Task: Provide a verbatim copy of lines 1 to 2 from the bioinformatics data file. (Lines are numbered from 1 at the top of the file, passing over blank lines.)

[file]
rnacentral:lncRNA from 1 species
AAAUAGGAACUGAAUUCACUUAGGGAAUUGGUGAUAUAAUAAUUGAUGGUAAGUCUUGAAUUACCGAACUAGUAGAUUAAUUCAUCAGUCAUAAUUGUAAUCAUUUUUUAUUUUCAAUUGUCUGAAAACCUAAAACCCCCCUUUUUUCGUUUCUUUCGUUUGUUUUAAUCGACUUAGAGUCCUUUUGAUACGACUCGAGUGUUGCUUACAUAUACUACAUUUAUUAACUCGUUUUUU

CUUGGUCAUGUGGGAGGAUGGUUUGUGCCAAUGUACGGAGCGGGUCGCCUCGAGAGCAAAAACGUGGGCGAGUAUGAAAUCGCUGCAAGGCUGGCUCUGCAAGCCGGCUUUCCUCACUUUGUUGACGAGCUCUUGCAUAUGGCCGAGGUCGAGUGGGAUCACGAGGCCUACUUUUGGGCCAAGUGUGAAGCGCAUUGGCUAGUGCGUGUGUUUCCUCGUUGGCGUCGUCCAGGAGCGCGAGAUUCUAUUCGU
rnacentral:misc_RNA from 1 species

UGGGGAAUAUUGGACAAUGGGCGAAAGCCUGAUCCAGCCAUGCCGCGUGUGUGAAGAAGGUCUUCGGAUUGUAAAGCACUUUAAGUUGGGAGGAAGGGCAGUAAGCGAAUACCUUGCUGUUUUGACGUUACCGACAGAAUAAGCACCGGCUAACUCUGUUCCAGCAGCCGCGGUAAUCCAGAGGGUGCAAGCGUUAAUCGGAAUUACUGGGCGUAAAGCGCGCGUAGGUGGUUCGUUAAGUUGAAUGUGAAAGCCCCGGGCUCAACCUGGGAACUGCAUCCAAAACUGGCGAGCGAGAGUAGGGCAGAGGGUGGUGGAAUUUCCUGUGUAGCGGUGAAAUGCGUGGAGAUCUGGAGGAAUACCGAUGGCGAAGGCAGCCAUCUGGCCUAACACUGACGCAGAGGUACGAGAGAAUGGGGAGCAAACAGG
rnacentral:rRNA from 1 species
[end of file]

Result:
rnacentral:lncRNA from 1 species
AAAUAGGAACUGAAUUCACUUAGGGAAUUGGUGAUAUAAUAAUUGAUGGUAAGUCUUGAAUUACCGAACUAGUAGAUUAAUUCAUCAGUCAUAAUUGUAAUCAUUUUUUAUUUUCAAUUGUCUGAAAACCUAAAACCCCCCUUUUUUCGUUUCUUUCGUUUGUUUUAAUCGACUUAGAGUCCUUUUGAUACGACUCGAGUGUUGCUUACAUAUACUACAUUUAUUAACUCGUUUUUU